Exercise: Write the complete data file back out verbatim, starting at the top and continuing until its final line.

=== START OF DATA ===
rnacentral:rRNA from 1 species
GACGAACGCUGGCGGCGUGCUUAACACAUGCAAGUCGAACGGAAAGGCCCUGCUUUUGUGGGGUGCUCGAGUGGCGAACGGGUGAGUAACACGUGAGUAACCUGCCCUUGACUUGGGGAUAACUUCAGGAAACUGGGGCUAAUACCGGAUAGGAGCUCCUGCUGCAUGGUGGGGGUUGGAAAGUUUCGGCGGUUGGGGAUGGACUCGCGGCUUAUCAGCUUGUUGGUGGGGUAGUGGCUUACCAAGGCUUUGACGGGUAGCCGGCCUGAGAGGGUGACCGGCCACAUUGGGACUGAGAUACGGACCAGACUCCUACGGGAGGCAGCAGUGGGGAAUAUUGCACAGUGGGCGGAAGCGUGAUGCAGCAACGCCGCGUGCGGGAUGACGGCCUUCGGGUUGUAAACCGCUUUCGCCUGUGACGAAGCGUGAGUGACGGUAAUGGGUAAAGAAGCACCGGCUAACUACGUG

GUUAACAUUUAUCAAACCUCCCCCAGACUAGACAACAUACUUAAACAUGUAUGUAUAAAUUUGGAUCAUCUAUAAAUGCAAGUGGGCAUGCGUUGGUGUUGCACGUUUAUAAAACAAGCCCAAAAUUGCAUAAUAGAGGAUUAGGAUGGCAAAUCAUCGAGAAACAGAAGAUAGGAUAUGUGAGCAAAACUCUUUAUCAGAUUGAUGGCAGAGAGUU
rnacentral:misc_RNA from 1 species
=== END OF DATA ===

rnacentral:rRNA from 1 species
GACGAACGCUGGCGGCGUGCUUAACACAUGCAAGUCGAACGGAAAGGCCCUGCUUUUGUGGGGUGCUCGAGUGGCGAACGGGUGAGUAACACGUGAGUAACCUGCCCUUGACUUGGGGAUAACUUCAGGAAACUGGGGCUAAUACCGGAUAGGAGCUCCUGCUGCAUGGUGGGGGUUGGAAAGUUUCGGCGGUUGGGGAUGGACUCGCGGCUUAUCAGCUUGUUGGUGGGGUAGUGGCUUACCAAGGCUUUGACGGGUAGCCGGCCUGAGAGGGUGACCGGCCACAUUGGGACUGAGAUACGGACCAGACUCCUACGGGAGGCAGCAGUGGGGAAUAUUGCACAGUGGGCGGAAGCGUGAUGCAGCAACGCCGCGUGCGGGAUGACGGCCUUCGGGUUGUAAACCGCUUUCGCCUGUGACGAAGCGUGAGUGACGGUAAUGGGUAAAGAAGCACCGGCUAACUACGUG

GUUAACAUUUAUCAAACCUCCCCCAGACUAGACAACAUACUUAAACAUGUAUGUAUAAAUUUGGAUCAUCUAUAAAUGCAAGUGGGCAUGCGUUGGUGUUGCACGUUUAUAAAACAAGCCCAAAAUUGCAUAAUAGAGGAUUAGGAUGGCAAAUCAUCGAGAAACAGAAGAUAGGAUAUGUGAGCAAAACUCUUUAUCAGAUUGAUGGCAGAGAGUU
rnacentral:misc_RNA from 1 species